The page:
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Bank base rate unchanged at 0.1%

Written by: Emma Lunn
The Bank of England base rate has now been at the record low level for a year.

The Bank of England’s Monetary Policy Committee (MPC) voted unanimously nine to zero to keep the base rate at 0.1%.

The MPC’s central projections in the February Monetary Policy Report assumed that Covid-related restrictions and people’s health concerns would weigh on activity in the near term, but that the vaccination programme would lead to those easing.

At the time of the report, a further increase in unemployment had been projected over the next couple of quarters. CPI inflation was expected to return towards the 2% target in the spring and, conditioned on the market path for interest rates, it was projected to be close to 2% over the second and third years of the forecast period.

Since the time of that forecast, developments in global GDP growth have been a little stronger than anticipated, and the substantial new US fiscal stimulus package should provide significant additional support to the outlook.

In part reflecting this and alongside positive news on some vaccination programmes, advanced economy longer-term government bond yields have risen rapidly to levels similar to those seen shortly before the pandemic.

Tom Stevenson, investment director for personal investing at Fidelity International, said: “What the Bank of England said was always going to be more important than what it did today. The two-way pull on the UK economy made no change to rates or bond purchases inevitable. The success of the vaccination programme and the re-opening schedule are positives but they are offset by Brexit red tape and the fiscal orthodoxy of the chancellor. The bank is right to wait and see.”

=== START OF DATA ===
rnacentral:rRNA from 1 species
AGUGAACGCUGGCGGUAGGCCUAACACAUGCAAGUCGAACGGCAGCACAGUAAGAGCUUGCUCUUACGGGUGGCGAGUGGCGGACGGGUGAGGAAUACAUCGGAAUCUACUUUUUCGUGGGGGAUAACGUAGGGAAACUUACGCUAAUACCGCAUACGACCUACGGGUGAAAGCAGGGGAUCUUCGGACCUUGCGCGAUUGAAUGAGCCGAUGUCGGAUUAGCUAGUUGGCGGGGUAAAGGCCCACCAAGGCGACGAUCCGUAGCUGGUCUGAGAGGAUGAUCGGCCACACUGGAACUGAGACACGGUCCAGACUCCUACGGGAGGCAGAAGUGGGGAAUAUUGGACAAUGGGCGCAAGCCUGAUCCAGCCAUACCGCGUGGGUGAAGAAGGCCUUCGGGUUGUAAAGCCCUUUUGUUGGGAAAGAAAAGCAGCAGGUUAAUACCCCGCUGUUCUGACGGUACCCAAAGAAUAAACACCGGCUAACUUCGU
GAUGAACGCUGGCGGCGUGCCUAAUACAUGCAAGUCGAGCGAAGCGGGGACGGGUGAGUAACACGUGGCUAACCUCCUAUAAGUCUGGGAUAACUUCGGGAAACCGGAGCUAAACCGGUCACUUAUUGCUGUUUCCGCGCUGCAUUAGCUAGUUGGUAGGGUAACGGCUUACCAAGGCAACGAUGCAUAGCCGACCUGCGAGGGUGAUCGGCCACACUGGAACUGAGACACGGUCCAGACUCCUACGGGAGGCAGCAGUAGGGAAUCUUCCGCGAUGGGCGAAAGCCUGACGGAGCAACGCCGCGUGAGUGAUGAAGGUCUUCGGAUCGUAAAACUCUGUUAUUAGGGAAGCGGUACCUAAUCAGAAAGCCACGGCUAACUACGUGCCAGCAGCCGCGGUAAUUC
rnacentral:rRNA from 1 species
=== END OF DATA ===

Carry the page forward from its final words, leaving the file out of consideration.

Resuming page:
Kevin Brown, savings specialist at Scottish Friendly, said: “Tomorrow marks exactly a year since the Bank of England cut interest rates to 0.1%, the lowest level in the Bank’s 325-year history.

“The move helped to support the UK economy during the pandemic but the consequences for savers has been dire. Banks and building societies have slashed returns, which has left households with nowhere to turn and their cash is now sat idly in accounts earning little to no interest.

“Anyone with savings in a bank or building society should be aware that the real value of their cash could be further eroded if inflation does start to tick upwards. Savers wishing to protect against inflation may want to spend a little more than normal, consider investing some of their cash, or hope the Bank of England considers increasing interest rates once the economy begins to recover.”

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